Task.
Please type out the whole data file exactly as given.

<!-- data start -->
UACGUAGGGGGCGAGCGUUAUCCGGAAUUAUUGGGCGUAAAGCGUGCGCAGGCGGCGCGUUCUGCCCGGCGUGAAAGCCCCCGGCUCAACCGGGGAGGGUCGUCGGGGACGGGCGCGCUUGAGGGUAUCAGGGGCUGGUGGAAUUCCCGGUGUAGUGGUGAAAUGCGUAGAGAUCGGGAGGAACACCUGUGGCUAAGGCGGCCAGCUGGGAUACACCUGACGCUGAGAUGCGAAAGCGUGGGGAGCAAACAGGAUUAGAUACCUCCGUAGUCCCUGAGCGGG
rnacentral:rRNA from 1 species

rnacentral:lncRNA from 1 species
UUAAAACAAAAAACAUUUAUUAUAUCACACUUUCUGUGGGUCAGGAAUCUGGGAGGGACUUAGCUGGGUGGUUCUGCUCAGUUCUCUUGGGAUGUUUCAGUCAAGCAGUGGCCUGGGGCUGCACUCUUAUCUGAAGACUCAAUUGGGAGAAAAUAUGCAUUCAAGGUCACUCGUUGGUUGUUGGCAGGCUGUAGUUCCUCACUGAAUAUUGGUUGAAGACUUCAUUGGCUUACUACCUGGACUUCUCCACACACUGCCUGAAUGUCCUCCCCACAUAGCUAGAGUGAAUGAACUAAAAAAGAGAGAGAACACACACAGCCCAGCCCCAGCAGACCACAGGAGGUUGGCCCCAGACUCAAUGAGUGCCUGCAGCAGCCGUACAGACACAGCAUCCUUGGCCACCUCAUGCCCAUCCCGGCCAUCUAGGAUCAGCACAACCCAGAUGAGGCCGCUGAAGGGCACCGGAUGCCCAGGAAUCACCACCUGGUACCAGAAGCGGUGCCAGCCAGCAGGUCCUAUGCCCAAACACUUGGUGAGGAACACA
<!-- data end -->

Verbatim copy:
UACGUAGGGGGCGAGCGUUAUCCGGAAUUAUUGGGCGUAAAGCGUGCGCAGGCGGCGCGUUCUGCCCGGCGUGAAAGCCCCCGGCUCAACCGGGGAGGGUCGUCGGGGACGGGCGCGCUUGAGGGUAUCAGGGGCUGGUGGAAUUCCCGGUGUAGUGGUGAAAUGCGUAGAGAUCGGGAGGAACACCUGUGGCUAAGGCGGCCAGCUGGGAUACACCUGACGCUGAGAUGCGAAAGCGUGGGGAGCAAACAGGAUUAGAUACCUCCGUAGUCCCUGAGCGGG
rnacentral:rRNA from 1 species

rnacentral:lncRNA from 1 species
UUAAAACAAAAAACAUUUAUUAUAUCACACUUUCUGUGGGUCAGGAAUCUGGGAGGGACUUAGCUGGGUGGUUCUGCUCAGUUCUCUUGGGAUGUUUCAGUCAAGCAGUGGCCUGGGGCUGCACUCUUAUCUGAAGACUCAAUUGGGAGAAAAUAUGCAUUCAAGGUCACUCGUUGGUUGUUGGCAGGCUGUAGUUCCUCACUGAAUAUUGGUUGAAGACUUCAUUGGCUUACUACCUGGACUUCUCCACACACUGCCUGAAUGUCCUCCCCACAUAGCUAGAGUGAAUGAACUAAAAAAGAGAGAGAACACACACAGCCCAGCCCCAGCAGACCACAGGAGGUUGGCCCCAGACUCAAUGAGUGCCUGCAGCAGCCGUACAGACACAGCAUCCUUGGCCACCUCAUGCCCAUCCCGGCCAUCUAGGAUCAGCACAACCCAGAUGAGGCCGCUGAAGGGCACCGGAUGCCCAGGAAUCACCACCUGGUACCAGAAGCGGUGCCAGCCAGCAGGUCCUAUGCCCAAACACUUGGUGAGGAACACA